Ever since Donald Trump won the election, Democrats have displayed astounding hostility toward the president and his supporters. This isn’t new. Democrats hated Richard Nixon, Ronald Reagan, and George W. Bush. But Trump derangement syndrome seems different.
For one thing, it began before Trump took office. It’s not a response to something he’s done as president; he was being compared to Adolf Hitler before he did anything at all.
For another, the assassination fantasies — from performances in Central Park to comediennes displaying bloody, severed heads — strike a newly vicious tone.
Finally, violence toward Trump supporters had no parallel in earlier administrations. People were not attacked in the streets for wearing Nixon buttons or Reagan/Bush T-shirts.
Reading Marilynne Robinson’s book "The Givenness of Things" gave me an idea for an answer. Robinson uses the phrase "the hermeneutics of snobbery." She has in mind, not pant creases, delicatessen offerings, or anything of the kind, but an intellectual snobbery that can, in the wrong circumstances, lead to startling cruelty.
Robinson discusses the Lollards, a religious group started by John Wycliffe which existed from the mid-14th century to the period of the English Reformation. The Lollards were derided as fools, mumblers, vagabonds, frauds, and heretics. For two centuries they were persecuted; hundreds were burned at the stake.
What did the Lollards do to be subject to such persecution?
They preached and taught in the vernacular rather than Latin. They translated the Bible into English. They complained about extravagance, conflicts of interest, and corruption in the church. They maintained that Scripture does not clarify the nature of communion, arguing for toleration of various viewpoints about the relation between the bread and wine and the spirit and body of Christ.
They insisted on the universal priesthood of all believers, holding that people did not need priests or the church in order to pray, worship, or be saved. The foundation of a Christian life, they believed, was the image of God found in each of us, expressed in ethical behavior and acts of kindness toward others. In general, they were suspicious of intermediaries.
Charity should go to the poor. Confessions should go to the wronged.
Prayers should go to God.
All of this sounds anodyne, especially to Protestants. But the full force of the church fell upon it for almost 200 hundred years. It threatened the church and all those associated with it. Their roles, their positions, their power, all depended on serving as intermediaries.
Denying the need for intermediaries meant denying the need for them.
Notice the parallels to the movement being led by Donald Trump. Trump’s language is blunt, the language of the streets rather than that of the academy. He appeals directly to the people. He attacks the extravagance, conflicts of interest, and corruption of our contemporary intermediaries — the administrative state, the academy, Silicon Valley, and the media.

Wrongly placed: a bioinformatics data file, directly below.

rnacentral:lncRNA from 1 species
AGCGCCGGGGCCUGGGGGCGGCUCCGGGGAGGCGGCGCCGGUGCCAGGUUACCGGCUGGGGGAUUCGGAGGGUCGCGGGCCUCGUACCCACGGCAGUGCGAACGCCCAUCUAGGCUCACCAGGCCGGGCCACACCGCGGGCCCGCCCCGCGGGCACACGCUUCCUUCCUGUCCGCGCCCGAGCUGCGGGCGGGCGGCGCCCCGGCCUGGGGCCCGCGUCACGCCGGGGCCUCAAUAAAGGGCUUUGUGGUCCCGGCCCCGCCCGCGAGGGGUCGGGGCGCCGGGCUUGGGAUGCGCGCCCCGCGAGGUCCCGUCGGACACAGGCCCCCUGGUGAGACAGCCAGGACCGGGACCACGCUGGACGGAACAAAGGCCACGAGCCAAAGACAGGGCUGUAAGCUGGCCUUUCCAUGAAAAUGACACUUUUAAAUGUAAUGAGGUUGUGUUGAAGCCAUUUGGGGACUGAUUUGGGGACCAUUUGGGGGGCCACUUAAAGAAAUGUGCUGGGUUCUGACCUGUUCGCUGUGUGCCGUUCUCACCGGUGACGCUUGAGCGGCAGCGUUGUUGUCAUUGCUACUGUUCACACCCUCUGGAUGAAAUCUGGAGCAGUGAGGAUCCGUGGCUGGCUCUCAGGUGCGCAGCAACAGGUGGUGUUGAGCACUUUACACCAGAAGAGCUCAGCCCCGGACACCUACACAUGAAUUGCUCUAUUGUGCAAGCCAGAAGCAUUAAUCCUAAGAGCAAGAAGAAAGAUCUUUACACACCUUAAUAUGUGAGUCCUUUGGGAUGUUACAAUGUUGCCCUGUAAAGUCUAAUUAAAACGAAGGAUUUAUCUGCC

Mr. Trump insists that the Constitution does not settle various contentious issues and that they should therefore be decided by the people and their representatives, not by the courts.
The president maintains that each citizen, as a citizen, has a right to pursue a vision of the good and to participate in civic life independent of those who would interpose themselves and require official approval.
What interests Robinson, and what interests me, is not the persecution of the Lollards per se — but the attitude of snobbery that surrounded it. The Lollards, it was said, were stupid, evil, uneducated, unsophisticated, lacking any intellectual foundations for their views — even though their supporters included faculty at Oxford and such powerful, highly educated figures like John of Gaunt. Sound familiar? We are all too accustomed to similar charges against Donald Trump and his supporters.
But, Robinson stresses, there was a vernacular intellectual tradition underlying Lollardy, one largely off the medieval academic map. The Lollards did not come out of nowhere. Their vernacular tradition included William Langland ("Piers the Ploughman") and Geoffrey Chaucer. Later it would include "The Book of Martyrs" and the works of Shakespeare. In short, the Lollards occupy a key spot in a tradition we now recognize as central to English literature. But at the time that tradition received little respect. Those in power were reading Latin and nothing but Latin.
Trump and his movement, analogously, do not come from nowhere. They spring from an intellectual tradition the academy largely ignores. These writers used to be seen as central. But at the moment many receive little respect. Even when read, their ideas aren’t applied to our contemporary political situation. Those in power are reading about race, class, gender, and little else.
My next several posts will explore this tradition to explain the intellectual tradition underlying the movement led by Donald Trump. Next time, the first installment: Max Weber on bureaucracy and the administrative state.
Daniel Bonevac is Professor of Philosophy at the University of Texas at Austin. Author of five books, most recently, "Ideas of the Twentieth Century," and editor or co-editor of four others, he has published over 60 articles in professional journals. He has also written for The Washington Post, The Critique, and The American Spectator. His massively open online course, "Ideas of the Twentieth Century," has enrolled over 50,000 students. He is co-founder of BriefLogic, a marketing communication firm. He is also a contemporary Christian musician and songwriter; you can hear his music on his daughter’s debut album, "Transfiguration." To read more of his reports — Click Here Now.
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